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If you’ve been shopping recently for a fixed mortgage rate, it’s likely been a frustrating exercise. While confidence is growing that interest rates will soon decrease, the ride down has been turbulent so far – and anyone expecting it to calm in the near future will be disappointed.

Those keen to lock in can thank the bond market for the continuing volatility. Lenders use bond yields as the basis for fixed-rate mortgage pricing, so any movement among bonds directly affects fixed-rate mortgage shoppers. Unlike variable mortgage rates, which won’t ease until we see a concrete rate cut from the Bank of Canada, fixed mortgage rates can shift on a dime, based on bond yield sentiment.

This has been especially apparent as central banks prepare to unwind some of their pandemic-era policies – such as today’s higher interest rate environment. As a result, bond markets are on edge, and that’s made them hyperreactive.

Even the faintest suggestion that rates could remain higher for longer has the power to put yields on a new trajectory. Economic data, a speech by the head of a central bank, even geopolitical events – all have the ability to pile on, or shave off, the basis points.

The last 24 months are chock-full of yield-related whiplash. Back in the prehike heydays of early 2022, an uninsured five-year fixed rate could be had for as low as 2.44 per cent, while bond yields hovered in the 1.5-per-cent range. But markets reacted sharply to the rapid rate hikes. By the end of 2022, yields had soared by nearly two percentage points.

Things got even bumpier throughout 2023, as the central bank waffled on when its cycle of rate hikes could indeed end. Early-year sentiment that the hiking cycle was done saw yields dip below the 3-per-cent range – but the party was short-lived as the BoC increased rates again in January, March and July. Rate shoppers did enjoy a moment of reprieve in mid-March of last year when several regional U.S. and European banks defaulted. Yields slid roughly 50 basis points – or half a percentage point – on the news, resulting in fixed rates around 4.6 per cent, but few borrowers likely felt great about taking out their mortgage amid a black swan market event.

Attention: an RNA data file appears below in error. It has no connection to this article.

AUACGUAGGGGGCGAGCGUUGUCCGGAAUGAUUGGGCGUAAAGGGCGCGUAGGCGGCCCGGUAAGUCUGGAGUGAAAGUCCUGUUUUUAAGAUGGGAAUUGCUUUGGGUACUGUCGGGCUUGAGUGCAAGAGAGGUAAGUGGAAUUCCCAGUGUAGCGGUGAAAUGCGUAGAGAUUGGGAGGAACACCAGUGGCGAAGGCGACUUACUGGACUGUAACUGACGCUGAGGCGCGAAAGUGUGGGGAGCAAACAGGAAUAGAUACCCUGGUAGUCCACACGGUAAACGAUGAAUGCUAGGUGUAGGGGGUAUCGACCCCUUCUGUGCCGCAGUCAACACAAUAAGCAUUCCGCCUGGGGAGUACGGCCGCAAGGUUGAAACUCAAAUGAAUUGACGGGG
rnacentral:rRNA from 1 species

And to see how sensitive rates are to small shifts in economic outlooks, just look to the past two weeks for proof. After starting the year in the 3.2 to 3.4-per-cent range, five-year Government of Canada yields suddenly ticked up with force around mid-February, peaking at 3.8 per cent on the 13th. The culprit turned out to be a stronger-than-anticipated inflation report from the U.S., which saw a 0.4-per-cent increase to core prices.

The overall message to markets was that inflation pressures are broadening south of the border. Hot on the tail of strong employment and wage growth reports, it suddenly appeared all the more likely that the Fed will take longer with their pivot to rate cuts. This didn’t raise the possibility of an actual hike, mind you. But when it comes to yields, a suggestion is all it takes.

It was enough to move the dial for some Canadian mortgage lenders, as rates inched up by roughly 10 to 20 basis points. Fast forward to this week, with markets cheered by Canada’s own promising CPI reading of 2.9 per cent, and here we go again: The lowest discounted five-year fixed rate has settled back down to the 4.89-per-cent range, compared with around 5.1 per cent prior to the inflation report’s release. If you’re a fixed-rate borrower who locked in last week, are you lamenting that move today? Here we are, 10 rate hikes later, and a new fixed-rate normal roughly 250 basis points higher than where we started.

So, what options do mortgage shoppers have? While it’s natural to want to be strategic, timing the market can be a fool’s errand. But when is the right time to pull the trigger? The reality is, rarely will the mortgage market look perfect when you’re ready to buy a home – and rates can head in the wrong direction unexpectedly.

The best approach is always to choose a mortgage rate that is appropriate for your own personal situation. Fixed rates are a fit for those who are more risk-averse, and who are unlikely to break their mortgage in the near term. Variable rates can provide good value for borrowers who need the flexibility to change their mortgage term and are comfortable with more risk. For those seeking a compromise, a shorter-term mortgage can be the solution, on the assumption rates will be lower by renewal time.

James Laird is the co-founder of and president of CanWise Financial mortgage lender. Penelope Graham is the Director of Content at

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